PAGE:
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Couderc, V.

H. Yoneyama, K. Sudo, P. Leproux, V. Couderc, A. Inoko, and H. Kano, “CARS molecular fingerprinting using sub-100-ps microchip laser source with fiber amplifier,” APL Photonics 3(9), 092408 (2018).
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H. Segawa, Y. Kaji, P. Leproux, V. Couderc, T. Ozawa, T. Oshika, and H. Kano, “Multimodal and multiplex spectral imaging of rat cornea ex vivo using a white-light laser source,” J. Biophotonics 8(9), 705–713 (2015).
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M. Okuno, H. Kano, P. Leproux, V. Couderc, J. P. R. Day, M. Bonn, and H. Hamaguchi, “Quantitative CARS Molecular Fingerprinting of Single Living Cells with the Use of the Maximum Entropy Method,” Angew. Chem. Int. Edit. 49(38), 6773–6777 (2010).
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M. Okuno, H. Kano, P. Leproux, V. Couderc, J. P. R. Day, M. Bonn, and H. Hamaguchi, “Quantitative CARS Molecular Fingerprinting of Single Living Cells with the Use of the Maximum Entropy Method,” Angew. Chem. Int. Edit. 49(38), 6773–6777 (2010).
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Edwards, H. G. M.

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K. Hashimoto, M. Takahashi, T. Ideguchi, and K. Goda, “Broadband coherent Raman spectroscopy running at 24,000 spectra per second,” Sci. Rep. 6(1), 21036 (2016).
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M. Okuno, H. Kano, P. Leproux, V. Couderc, J. P. R. Day, M. Bonn, and H. Hamaguchi, “Quantitative CARS Molecular Fingerprinting of Single Living Cells with the Use of the Maximum Entropy Method,” Angew. Chem. Int. Edit. 49(38), 6773–6777 (2010).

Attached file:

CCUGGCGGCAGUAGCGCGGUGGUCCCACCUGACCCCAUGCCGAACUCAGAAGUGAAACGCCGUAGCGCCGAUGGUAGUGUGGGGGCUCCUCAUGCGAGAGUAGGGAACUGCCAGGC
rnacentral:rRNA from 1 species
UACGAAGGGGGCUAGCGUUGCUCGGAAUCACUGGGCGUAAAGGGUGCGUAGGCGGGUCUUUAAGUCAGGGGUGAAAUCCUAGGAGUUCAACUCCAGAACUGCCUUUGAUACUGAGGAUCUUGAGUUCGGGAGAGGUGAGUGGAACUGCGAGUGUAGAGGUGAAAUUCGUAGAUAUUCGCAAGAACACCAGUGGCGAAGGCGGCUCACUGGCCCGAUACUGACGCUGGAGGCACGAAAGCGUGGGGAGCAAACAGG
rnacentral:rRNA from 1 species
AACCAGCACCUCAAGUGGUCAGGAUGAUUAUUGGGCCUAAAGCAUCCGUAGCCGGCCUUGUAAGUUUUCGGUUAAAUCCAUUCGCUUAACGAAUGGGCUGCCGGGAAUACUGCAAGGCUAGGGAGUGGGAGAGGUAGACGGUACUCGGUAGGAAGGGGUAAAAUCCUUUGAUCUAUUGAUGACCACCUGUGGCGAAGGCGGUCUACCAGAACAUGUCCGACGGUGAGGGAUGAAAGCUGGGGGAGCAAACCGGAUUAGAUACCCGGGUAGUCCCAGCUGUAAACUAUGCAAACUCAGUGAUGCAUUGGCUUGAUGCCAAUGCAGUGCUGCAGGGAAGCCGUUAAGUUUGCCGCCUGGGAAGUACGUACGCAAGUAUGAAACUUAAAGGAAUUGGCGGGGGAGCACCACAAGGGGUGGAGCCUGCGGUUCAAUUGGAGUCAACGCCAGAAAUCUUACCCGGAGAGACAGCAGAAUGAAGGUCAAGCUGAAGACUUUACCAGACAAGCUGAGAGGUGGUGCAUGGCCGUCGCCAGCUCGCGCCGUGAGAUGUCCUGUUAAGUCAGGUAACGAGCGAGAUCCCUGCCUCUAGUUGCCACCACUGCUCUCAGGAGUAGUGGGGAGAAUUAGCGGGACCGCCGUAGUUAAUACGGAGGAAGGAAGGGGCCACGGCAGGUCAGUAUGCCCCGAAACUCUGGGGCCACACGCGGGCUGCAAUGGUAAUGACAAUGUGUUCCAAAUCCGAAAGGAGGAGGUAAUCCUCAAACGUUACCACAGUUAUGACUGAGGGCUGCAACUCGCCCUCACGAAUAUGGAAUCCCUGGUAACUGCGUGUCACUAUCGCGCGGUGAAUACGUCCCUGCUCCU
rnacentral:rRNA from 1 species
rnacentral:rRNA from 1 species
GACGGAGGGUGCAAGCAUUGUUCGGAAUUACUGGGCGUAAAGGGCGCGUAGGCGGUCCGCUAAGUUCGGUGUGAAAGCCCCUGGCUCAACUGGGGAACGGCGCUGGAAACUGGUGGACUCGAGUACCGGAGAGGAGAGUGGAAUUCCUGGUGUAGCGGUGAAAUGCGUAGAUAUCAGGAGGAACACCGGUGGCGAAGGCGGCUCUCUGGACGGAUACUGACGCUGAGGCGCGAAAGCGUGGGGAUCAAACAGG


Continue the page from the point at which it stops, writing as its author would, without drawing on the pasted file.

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T. Ideguchi, S. Holzner, B. Bernhardt, G. Guelachvili, N. Picque, and T. W. Hansch, “Coherent Raman spectro-imaging with laser frequency combs,” Nature 502(7471), 355–358 (2013).
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C. H. Camp, Y. J. Lee, J. M. Heddleston, C. M. Hartshorn, A. R. Hight Walker, J. N. Rich, J. D. Lathia, and M. T. Cicerone, “High-Speed Coherent Raman Fingerprint Imaging of Biological Tissues,” Nat. Photonics 8(8), 627–634 (2014).
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Hashimoto, K.

K. Hashimoto, J. Omachi, and T. Ideguchi, “Ultra-broadband rapid-scan Fourier-transform CARS spectroscopy with sub-10-fs optical pulses,” Opt. Express 26(11), 14307–14314 (2018).
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K. Hashimoto, M. Takahashi, T. Ideguchi, and K. Goda, “Broadband coherent Raman spectroscopy running at 24,000 spectra per second,” Sci. Rep. 6(1), 21036 (2016).
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R. Vlijm, X. Li, M. Panic, D. Ruthnick, S. Hata, F. Herrmannsdorfer, T. Kuner, M. Heilemann, J. Engelhardt, S. W. Hell, and E. Schiebel, “STED nanoscopy of the centrosome linker reveals a CEP68-organized, periodic rootletin network anchored to a C-Nap1 ring at centrioles,” Proc. Natl. Acad. Sci. U. S. A. 115(10), E2246–E2253 (2018).